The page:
"Ukraine matters," Secretary of Defense Lloyd J. Austin III flatly said during a Pentagon news conference today.
The secretary and Army Gen. Mark A. Milley, the chairman of the Joint Chiefs of Staff, spoke to the media following the 10th meeting of the Ukraine Defense Contact Group — a group of nations working to supply Ukraine what it needs to combat Russia's invasion of the country.
"Ukraine matters. It matters not to just Ukraine or to the United States, it matters to the world," the secretary said. "This is about the rules based international order. It's about one country's ability to wake up one day and change the borders of its neighbor and annex its neighbor's sovereign territory."
Countries around the world realize how serious this challenge to the status quo is, and they are working together. "That's why you've seen 50 countries not only come to the … the initial meetings of the Ukraine Defense Contact Group, but they continue to come back," Austin said. "And they continue to work hard to ensure that Ukraine gets everything that it needs to be successful. And that'll remain our focus going forward."
The secretary also addressed Russia's "dangerous and reckless and unprofessional behavior in the international airspace over the Black Sea" yesterday. Russian jets dumped fuel on an unmanned U.S. MQ-9 aircraft conducting routine operations in international airspace. A Russian jet struck the unmanned aerial vehicle causing it to crash.
"This hazardous episode is a part of a pattern of aggressive, risky and unsafe actions by Russian pilots in international airspace," Austin said. "Now I just got off the phone with my Russian counterpart, [Defense] Minister [Sergei] Shoigu. And as I've said repeatedly, it's important that great powers be models of transparency and communication. And the United States will continue to fly and to operate wherever international law allows. It is incumbent upon Russia to operate its military aircraft in a safe and professional manner."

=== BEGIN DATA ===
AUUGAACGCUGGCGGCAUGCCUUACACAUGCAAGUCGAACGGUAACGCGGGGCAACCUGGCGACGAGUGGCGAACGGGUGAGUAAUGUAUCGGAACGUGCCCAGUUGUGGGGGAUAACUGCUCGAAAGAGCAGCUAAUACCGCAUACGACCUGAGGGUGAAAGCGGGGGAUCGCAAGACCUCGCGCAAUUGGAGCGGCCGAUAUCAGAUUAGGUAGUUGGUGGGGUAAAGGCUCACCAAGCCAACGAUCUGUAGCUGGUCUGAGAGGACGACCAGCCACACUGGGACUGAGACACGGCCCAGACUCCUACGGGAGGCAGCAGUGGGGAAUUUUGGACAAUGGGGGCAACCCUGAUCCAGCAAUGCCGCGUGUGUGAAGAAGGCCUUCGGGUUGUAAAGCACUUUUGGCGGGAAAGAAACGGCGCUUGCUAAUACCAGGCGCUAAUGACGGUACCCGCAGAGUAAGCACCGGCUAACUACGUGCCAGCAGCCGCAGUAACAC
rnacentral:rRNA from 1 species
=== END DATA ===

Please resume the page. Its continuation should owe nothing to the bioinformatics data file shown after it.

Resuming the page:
The contact group is a visible affirmation of unity and resolve to support Ukraine's fight for freedom. "We were joined again today by some 50 nations of goodwill from all around the globe," the secretary said. "And they all understand that Ukraine's battle to defend itself from Russian aggression is vital for everyone who values the core principles of sovereignty, self-determination and freedom."
The group heard from Ukrainian Defense Minister Oleksii Reznikov about his country's plans and needs in the face of Russia's aggression. Ukrainian service members have stood firm against Russia using weapons supplied by the nations of the contact group.
"Russia hopes to grind down Ukraine in a war of attrition, but Ukraine has been supplied by more than 40 countries," Austin said. "Meanwhile, Russia has had to depend on Iran and North Korea and has had to use equipment dating back to World War II. So, Russia is running out of capability and running out of friends."
Ukraine has never been a threat to Russia, Chairman Milley said. "Russia launched, and has continued for over a year now, a war of aggression and flagrant violation of international law," the general said. "This is, and remains, a Russian frontal assault on the rules-based international order that has been in place for 80 years."
In face of this war of conquest, the contact group remains unified. "NATO is united. The people of Ukraine are unyielding; they are standing steadfast in the face of the Russian onslaught," he said. "Russia remains isolated, their military stocks are rapidly depleting, the soldiers are demoralized, untrained, unmotivated conscripts and convicts and their leadership is failing them."
The Battle of Bakhmut continues. "Ukraine has fixed the Russian forces at that city, and they're exacting very heavy costs on the Wagner group and the Russian regular military," Milley said. "Ukraine remains strong.
"This is a grinding, attrition warfare that Russia is trying to execute," the general continued. "Wave after wave of Russian soldiers are thrown into the chaos of war, absent any sort of synchronized coordination and direction. Russia continues to pay severely in terms of lives and military equipment for its continued war of choice."
Milley said Vladimir Putin cannot win his strategic objectives. "It should be obvious to Putin that these objectives are no longer achievable by continuing this war," Milley said. "Putin can end this war. He can end it today. And he needs to do so. Free people are not easily conquered, and the Ukrainian people are free, and they will never give up in their fight to stay free."